How to install Samba on Ubuntu

Samba lets you share your file across multiple operating systems seamlessly. For example, a samba file sharing server running on Ubuntu can let you access your files from a macOS or a Windows laptop/desktop via a network.


  • Ubuntu 16.04+ system
  • An open port 445 to allow incoming TCP traffic
  • Working network connection to be able to share files


  • Open up a terminal (Ctrl + Alt + T) and type following commands

sudo apt install samba -y

After both commands have successfully executed, and if there is no error on our terminal, it means that we have successfully installed the samba server on our system. To check if the installation was successful run below command:

We should be able to see something like the above result.

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Once we have successfully installed Samba, we need to create a directory which will be shareable through the network.

To create a directory, type in the below command in terminal (Ctrl + Alt + T)

mkdir samba_share

This command creates a new directory “samba_share” in our home directory, which we will be sharing over the network.

To enable this new directory as share in samba, we need to edit the “smb.conf” file. Open the file “/etc/samba/samba.conf” in your preferred text editor. Here I am going to use vim for the editing.

Once the file opens up, insert the following lines at the bottom of the file:


comment = Samba on Ubuntu

path = /home/username/sambashare

read only = no

browsable = yes

Notice the <username>, replace this with your current username to complete the path. Once done, save the file and exit the editor.

What we have added:

  • [sambashare]: This is the name of our share
  • comment: A short description of the share
  • path: Path which we are going to share
  • read only: This will grant the permission to modify the content of the directory as we have provided value as no, if you want your share directory to be read-only, provide value as yes.
  • browsable: When this is set to yes, the file managers, like Nautilus on Ubuntu, can list this under network section

Once we are done with the settings file, we need to restart samba service.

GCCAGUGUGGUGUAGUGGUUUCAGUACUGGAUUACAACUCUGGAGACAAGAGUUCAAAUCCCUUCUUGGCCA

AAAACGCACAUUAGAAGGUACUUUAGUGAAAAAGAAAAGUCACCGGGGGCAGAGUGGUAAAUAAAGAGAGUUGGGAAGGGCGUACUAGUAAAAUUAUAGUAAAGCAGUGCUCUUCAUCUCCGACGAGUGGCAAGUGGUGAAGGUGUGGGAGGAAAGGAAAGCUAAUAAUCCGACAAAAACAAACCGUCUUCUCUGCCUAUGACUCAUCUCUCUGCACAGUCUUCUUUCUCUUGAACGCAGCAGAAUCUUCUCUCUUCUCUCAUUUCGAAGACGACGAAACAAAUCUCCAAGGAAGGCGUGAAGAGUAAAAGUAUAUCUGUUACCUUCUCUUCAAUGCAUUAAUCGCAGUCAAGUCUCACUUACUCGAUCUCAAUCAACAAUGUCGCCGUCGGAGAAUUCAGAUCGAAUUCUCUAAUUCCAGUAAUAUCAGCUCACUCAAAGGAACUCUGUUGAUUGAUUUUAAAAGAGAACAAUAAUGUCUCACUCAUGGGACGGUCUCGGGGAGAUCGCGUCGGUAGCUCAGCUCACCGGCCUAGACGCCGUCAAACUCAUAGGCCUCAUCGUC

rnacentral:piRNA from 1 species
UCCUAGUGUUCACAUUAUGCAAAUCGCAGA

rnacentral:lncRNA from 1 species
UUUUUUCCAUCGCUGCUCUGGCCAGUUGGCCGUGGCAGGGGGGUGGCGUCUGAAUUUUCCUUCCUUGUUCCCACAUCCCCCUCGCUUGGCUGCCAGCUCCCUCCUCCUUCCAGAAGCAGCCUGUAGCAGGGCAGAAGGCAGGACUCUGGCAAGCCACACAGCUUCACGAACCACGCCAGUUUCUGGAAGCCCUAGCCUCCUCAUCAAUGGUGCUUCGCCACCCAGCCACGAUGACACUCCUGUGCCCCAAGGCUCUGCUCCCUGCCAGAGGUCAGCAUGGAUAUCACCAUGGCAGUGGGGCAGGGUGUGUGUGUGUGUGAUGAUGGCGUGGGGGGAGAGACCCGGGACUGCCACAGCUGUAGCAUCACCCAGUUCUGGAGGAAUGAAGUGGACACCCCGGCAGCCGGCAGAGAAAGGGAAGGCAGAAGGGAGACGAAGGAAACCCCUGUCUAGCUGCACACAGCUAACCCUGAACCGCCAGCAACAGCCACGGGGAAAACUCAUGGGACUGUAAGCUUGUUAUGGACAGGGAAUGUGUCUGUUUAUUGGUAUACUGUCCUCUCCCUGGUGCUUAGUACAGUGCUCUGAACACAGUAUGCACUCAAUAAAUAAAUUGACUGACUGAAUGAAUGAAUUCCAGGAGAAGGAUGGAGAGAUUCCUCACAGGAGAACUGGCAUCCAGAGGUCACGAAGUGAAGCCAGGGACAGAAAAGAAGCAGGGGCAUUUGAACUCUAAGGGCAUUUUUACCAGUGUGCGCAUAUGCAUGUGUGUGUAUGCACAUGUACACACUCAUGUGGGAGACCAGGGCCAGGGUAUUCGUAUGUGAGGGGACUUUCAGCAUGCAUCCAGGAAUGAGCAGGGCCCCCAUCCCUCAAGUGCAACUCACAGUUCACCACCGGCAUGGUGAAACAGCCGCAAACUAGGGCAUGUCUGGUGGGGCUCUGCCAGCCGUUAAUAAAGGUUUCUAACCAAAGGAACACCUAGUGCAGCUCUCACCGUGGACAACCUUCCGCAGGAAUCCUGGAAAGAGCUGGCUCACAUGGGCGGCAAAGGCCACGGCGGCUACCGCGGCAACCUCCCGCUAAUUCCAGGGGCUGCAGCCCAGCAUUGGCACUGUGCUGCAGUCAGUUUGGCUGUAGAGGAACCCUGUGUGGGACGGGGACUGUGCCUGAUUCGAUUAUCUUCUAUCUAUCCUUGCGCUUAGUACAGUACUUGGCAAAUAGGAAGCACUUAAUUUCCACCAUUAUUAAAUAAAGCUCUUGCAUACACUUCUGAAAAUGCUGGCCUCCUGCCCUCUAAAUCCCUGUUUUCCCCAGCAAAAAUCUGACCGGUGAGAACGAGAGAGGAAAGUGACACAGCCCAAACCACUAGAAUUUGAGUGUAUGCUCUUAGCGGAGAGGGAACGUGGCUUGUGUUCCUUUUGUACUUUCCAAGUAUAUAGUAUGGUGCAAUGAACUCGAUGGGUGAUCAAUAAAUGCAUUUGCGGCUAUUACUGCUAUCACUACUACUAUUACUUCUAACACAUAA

sudo service smbd restart

This is important because if we do not restart the service, the new settings will not be loaded and the service would be running on the old configuration.

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Setting up an account

Samba does not use system user password, so we need to set up a Samba password for our current account.

sudo smbpasswd -a username

Notice that I have replaced “username” with “net2_admin”. You can replace that with whatever username you would prefer.

After doing this, our Samba server is ready to share the files over the network.


Before starting out the testing, we need to find out our Ubuntu machine’s IP address by issuing the ifconfigcommand. An example output is provided below :

Once we have the IP address, we are ready to test out our server.

Now that we have out samba server ready, we should know how to access the server from different operating systems. Here we will be looking at how to access samba from Windows, Ubuntu, and macOS.


Open the run dialog box (Win + R) and type in the following:

A prompt will open up asking for credentials. Supply the credentials we obtained in the last step of configuration. Once right credentials have been supplied, you’d be able to see the files that are in “samba_share” directory over the network.


On Ubuntu file manager, go to Other Location > Connect to Server, put in the command: “smb://<ip_address>/sambashare”, hit connect. You will then be asked to enter the credentials.

credentials ubuntu

required credentials ubuntu


On macOs, go to “Go > Connect to Server” in finder the menu, type in the command “smb://<ip_address>/sambashare”, provide the credentials. You will then see the network files.

We have successfully installed Samba on our Ubuntu machine, through which we can share a directory over a network without any hassle.

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amin nahdy

Amin Nahdy, an aspiring software engineer and a computer geek by nature as well as an avid Ubuntu and open source user. He is interested in information technology especially Linux based ecosystem as well as Windows and MacOS. He loves to share and disseminate knowledge to others in a transparent and responsible way.

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